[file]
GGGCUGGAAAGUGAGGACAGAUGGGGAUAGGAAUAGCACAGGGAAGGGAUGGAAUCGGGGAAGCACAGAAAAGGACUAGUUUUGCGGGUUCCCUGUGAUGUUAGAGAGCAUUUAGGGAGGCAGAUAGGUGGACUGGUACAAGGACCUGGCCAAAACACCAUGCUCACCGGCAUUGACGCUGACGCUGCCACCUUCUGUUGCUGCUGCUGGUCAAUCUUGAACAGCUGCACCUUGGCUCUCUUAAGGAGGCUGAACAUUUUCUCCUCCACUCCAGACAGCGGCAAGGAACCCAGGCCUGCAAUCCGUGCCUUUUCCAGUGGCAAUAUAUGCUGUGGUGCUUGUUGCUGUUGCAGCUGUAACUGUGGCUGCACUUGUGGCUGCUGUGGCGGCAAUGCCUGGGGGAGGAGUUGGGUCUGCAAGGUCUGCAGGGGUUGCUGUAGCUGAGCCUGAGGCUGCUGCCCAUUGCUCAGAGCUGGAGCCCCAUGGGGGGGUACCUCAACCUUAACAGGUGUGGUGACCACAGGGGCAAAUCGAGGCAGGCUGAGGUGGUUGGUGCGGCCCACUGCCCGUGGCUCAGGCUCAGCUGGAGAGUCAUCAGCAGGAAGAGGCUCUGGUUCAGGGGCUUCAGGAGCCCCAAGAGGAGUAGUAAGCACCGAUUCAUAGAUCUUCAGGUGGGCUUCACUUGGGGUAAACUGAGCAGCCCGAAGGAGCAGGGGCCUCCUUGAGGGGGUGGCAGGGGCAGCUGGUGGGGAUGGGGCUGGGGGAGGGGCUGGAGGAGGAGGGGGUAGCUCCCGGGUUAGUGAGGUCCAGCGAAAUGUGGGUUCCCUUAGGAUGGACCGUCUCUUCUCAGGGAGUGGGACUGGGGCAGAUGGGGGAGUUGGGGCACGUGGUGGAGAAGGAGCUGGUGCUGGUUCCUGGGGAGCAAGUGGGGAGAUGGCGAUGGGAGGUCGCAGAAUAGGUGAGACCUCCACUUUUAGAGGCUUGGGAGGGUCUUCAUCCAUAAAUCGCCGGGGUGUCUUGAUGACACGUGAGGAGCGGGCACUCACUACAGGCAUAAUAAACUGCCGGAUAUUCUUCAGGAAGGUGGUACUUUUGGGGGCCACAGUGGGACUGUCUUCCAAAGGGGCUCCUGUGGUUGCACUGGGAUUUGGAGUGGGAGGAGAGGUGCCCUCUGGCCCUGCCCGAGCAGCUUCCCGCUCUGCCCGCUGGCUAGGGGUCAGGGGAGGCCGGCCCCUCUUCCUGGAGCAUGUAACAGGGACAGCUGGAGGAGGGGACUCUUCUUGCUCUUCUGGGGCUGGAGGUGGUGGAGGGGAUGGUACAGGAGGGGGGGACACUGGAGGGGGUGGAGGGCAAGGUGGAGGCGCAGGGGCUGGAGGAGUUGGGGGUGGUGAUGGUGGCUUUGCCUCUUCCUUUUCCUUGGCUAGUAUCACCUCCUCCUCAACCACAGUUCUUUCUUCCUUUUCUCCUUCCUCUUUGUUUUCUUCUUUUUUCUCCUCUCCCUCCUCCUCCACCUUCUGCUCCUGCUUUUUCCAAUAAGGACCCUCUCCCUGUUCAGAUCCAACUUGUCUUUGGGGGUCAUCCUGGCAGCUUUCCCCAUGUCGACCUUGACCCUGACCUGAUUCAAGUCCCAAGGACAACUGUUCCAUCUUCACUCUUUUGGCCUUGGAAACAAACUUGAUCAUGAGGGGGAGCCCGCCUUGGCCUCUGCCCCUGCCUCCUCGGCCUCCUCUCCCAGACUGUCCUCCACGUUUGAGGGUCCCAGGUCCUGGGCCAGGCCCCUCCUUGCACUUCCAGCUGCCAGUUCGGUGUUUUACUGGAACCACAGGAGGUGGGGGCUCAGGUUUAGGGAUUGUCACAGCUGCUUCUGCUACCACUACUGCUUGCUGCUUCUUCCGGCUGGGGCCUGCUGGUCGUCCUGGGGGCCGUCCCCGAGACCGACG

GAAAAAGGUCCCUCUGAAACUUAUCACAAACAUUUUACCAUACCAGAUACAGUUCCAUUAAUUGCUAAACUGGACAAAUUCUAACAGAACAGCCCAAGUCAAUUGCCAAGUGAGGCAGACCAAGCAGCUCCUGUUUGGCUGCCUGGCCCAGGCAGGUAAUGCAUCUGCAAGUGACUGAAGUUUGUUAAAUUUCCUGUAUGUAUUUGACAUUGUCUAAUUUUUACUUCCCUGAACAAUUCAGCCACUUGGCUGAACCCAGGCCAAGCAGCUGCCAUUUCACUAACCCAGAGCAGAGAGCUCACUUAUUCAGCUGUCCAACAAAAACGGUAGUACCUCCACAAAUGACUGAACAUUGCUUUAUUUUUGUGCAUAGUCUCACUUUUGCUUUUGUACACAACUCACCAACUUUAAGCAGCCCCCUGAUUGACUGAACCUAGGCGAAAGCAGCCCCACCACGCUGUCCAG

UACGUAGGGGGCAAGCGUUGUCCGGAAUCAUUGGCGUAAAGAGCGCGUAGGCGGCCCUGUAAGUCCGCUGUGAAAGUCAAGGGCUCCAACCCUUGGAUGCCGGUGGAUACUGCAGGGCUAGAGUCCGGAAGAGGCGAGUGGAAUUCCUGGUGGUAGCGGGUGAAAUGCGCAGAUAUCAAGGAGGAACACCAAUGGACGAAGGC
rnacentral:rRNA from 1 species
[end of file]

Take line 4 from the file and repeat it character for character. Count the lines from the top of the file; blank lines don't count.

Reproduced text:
rnacentral:rRNA from 1 species